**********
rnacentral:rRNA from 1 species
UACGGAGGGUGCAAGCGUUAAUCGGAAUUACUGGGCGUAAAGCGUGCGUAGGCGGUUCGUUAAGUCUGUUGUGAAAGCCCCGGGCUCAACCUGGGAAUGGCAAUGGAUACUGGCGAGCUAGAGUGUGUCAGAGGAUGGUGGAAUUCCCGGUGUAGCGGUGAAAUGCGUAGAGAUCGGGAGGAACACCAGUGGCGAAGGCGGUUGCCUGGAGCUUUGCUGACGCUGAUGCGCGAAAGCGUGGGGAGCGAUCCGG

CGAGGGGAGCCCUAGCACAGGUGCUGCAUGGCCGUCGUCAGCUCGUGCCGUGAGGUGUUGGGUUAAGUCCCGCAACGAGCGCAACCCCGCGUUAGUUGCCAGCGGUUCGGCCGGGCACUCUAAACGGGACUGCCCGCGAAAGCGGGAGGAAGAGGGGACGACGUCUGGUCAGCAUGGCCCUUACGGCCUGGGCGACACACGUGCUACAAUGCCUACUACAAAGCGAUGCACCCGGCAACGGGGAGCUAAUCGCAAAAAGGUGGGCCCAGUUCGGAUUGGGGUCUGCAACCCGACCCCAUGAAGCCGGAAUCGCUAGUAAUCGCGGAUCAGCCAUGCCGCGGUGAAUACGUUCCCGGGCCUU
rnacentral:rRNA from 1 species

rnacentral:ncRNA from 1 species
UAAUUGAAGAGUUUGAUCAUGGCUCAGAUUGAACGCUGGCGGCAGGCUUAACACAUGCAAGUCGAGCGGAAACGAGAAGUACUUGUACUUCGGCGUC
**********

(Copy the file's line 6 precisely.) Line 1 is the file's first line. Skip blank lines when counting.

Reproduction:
UAAUUGAAGAGUUUGAUCAUGGCUCAGAUUGAACGCUGGCGGCAGGCUUAACACAUGCAAGUCGAGCGGAAACGAGAAGUACUUGUACUUCGGCGUC